“No one on my beat will try to kill me. I know them all and they like me.”
What would you say to an officer who believes this? Share your thoughts.
By Lt. Jim Glennon, Lombard, IL (ret.)
“It’s really about you as an individual developing the mindset necessary to win and survive on the street.”
I made that comment recently to an attendee at the Calibre Press Street Survival Seminar held in Kalamazoo, MI last month. My remark was in response to the young female officer’s observation that the seminar seemed to speak directly to individuals in a group rather than a group of like-minded law enforcement officers. She informed me that prior to her attendance, she was told by colleagues that the one seminar she absolutely had to attend was the Street Survival Seminar. She went on to say that while most everyone endorsed the seminar, no one really explained what it was all about. “I thought this was going to be all about specific patrol tactics and other types of tactical deployment.”
As we continued to talk she told me that she worked with a great “group of guys” and she loved her supervisor (a repeat attendee) because he made the safety of his officers a “top priority." However she fretted over the possibility of being assigned to another shift where, according to her, the Watch Commander was less concerned with the lives’ of his officers and more concerned with his own career.
She concluded our conversation with; “But now I know that both my safety and my attitude are mine and mine alone. No matter how good my Sergeant is, my safety and winning on the street is unquestionably up to me.”
Her statement summed up the point of the entire Seminar, which is, by the way, the same point that has existed since its inception over 25 years ago: An officer’s safety is dependant on the attitude and perspective of the individual. Chuck Remsberg, the father of the seminar, would have been proud.
But in contrast…
Another younger Officer, probably about 25, approached me during a break at a Street Survival Seminar in Montana. He walked up, shook my hand and went on for several minutes about how much fun he was having at the Seminar (“I can’t believe I’m laughing this much.”) and how emotionally charged he was after watching and discussing the videos that depicted officers being maimed and killed. His remarks were similar to those we hear at all of the Seminars, but I appreciated them all the same.
However, his final comment literally sent a chill up my spine. Just before he turned and walked away he made this off-handed remark:
“But, this really doesn’t apply to me and my department. We only have five guys in my agency. We all live in town, we all went to the same high school. No one on my beat will try to kill me. I know them all and they like me.”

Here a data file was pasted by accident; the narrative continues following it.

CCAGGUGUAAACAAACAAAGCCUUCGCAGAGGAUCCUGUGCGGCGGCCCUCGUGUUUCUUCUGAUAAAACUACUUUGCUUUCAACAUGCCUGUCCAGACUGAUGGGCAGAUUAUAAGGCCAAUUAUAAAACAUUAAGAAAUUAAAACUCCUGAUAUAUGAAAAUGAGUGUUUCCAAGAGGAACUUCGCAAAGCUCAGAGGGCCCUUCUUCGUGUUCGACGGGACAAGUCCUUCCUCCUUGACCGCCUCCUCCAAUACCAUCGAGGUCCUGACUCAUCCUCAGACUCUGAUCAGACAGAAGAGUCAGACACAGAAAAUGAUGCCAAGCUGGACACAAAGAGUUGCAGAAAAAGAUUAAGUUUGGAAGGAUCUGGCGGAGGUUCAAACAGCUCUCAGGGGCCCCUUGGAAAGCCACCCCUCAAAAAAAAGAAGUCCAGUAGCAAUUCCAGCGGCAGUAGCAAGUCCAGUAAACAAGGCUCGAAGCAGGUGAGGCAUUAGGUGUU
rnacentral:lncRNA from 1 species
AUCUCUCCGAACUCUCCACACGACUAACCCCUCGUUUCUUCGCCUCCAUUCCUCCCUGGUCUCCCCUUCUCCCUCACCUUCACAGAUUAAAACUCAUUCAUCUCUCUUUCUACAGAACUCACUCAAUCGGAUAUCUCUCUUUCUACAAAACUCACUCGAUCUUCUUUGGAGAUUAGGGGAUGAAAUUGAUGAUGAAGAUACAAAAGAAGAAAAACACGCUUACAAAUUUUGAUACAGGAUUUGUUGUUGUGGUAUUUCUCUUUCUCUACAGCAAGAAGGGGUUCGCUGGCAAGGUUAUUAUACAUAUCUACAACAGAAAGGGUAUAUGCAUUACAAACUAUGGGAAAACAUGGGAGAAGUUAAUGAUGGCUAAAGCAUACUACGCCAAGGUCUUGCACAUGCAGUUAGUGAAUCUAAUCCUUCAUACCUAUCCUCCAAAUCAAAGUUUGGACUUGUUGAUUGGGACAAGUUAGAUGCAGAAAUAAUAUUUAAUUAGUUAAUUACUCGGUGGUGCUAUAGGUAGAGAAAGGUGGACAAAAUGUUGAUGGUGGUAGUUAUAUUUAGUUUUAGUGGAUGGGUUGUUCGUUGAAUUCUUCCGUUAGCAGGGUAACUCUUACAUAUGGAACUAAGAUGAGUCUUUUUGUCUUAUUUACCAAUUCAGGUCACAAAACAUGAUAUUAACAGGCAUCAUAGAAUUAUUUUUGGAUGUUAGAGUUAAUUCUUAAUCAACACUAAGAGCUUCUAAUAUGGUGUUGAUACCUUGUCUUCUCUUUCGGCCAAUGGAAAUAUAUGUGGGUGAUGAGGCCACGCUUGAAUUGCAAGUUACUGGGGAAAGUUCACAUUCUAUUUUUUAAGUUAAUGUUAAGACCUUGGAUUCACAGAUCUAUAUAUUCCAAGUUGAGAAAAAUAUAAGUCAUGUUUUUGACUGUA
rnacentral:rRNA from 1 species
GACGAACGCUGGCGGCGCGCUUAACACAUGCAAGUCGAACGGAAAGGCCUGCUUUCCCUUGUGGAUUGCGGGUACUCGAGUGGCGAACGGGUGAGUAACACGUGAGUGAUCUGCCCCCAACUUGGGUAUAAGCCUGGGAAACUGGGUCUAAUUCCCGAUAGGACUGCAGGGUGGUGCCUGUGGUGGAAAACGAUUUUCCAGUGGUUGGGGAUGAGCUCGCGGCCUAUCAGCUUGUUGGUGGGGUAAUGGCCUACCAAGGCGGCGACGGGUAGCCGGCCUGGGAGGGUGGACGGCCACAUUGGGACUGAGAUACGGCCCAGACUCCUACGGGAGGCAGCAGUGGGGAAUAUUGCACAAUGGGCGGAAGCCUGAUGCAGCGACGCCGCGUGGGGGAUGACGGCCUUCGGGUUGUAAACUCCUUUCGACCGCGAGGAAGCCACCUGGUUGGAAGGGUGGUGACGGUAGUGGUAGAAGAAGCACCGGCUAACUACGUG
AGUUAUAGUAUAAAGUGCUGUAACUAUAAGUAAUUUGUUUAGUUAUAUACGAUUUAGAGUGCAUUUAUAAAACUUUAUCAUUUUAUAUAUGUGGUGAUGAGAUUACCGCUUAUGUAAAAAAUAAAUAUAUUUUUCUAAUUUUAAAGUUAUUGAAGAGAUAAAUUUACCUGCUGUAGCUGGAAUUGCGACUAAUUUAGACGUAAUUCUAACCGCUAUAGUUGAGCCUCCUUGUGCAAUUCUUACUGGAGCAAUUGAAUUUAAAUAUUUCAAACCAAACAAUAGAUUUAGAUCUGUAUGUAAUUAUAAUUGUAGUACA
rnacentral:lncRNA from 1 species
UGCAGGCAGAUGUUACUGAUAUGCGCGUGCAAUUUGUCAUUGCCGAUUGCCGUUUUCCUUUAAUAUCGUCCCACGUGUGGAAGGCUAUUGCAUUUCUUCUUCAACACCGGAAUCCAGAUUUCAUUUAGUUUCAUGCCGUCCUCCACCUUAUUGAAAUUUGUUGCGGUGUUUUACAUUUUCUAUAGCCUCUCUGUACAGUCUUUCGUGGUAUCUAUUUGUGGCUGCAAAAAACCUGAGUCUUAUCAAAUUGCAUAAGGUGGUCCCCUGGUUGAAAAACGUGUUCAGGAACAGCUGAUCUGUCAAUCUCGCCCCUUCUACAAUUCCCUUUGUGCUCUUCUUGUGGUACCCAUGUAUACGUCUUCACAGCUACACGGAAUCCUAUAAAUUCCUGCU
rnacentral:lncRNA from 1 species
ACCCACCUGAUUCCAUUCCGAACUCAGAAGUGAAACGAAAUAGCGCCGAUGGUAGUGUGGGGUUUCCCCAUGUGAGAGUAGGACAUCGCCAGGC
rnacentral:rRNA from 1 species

My main concerns after hearing this comment were twofold: One, I needed to resist ringing his neck and two … well… I needed to resist ringing his neck.
What I love about writing these columns is the response I get from police officers all over the country to the rambling words I place in cyberspace. I teach several classes besides Street Survival. Not that this makes me an expert, but two of the classes I facilitate are called: The Warriors Edge: Practical to Tactical Communication and Arresting Conversation. I mention these because a staple in both classes addresses the art of asking questions. What types, based on what, and when to place them. Questions are powerful. They open the door to endless possibilities.
So I am going to end this article with a couple of questions and hope that I get a variety of responses from those of you who are practitioners in the field of law enforcement.
What do you think I said, or should have said, to this young officer from that small town in the Northwest portion of our country?
Over a span of about ten years I presented about 2,000 students with a survey that asked a series of questions that dealt mostly with intra-department communication and the relationship between line-level officers and the administrations they work for. While there were 14 separate questions, my favorite was this one:
What is the most important thing to your immediate supervisor reference your day-to-day activity and behavior?
The number one answer from officers from around the country, by over 65%, was quite revealing. My question to you, readers, is this:
What do you think that answer was?
I look forward to your thoughts, guesses, and opinions. Please email me at firstname.lastname@example.org and I will disclose the results in next month’s column.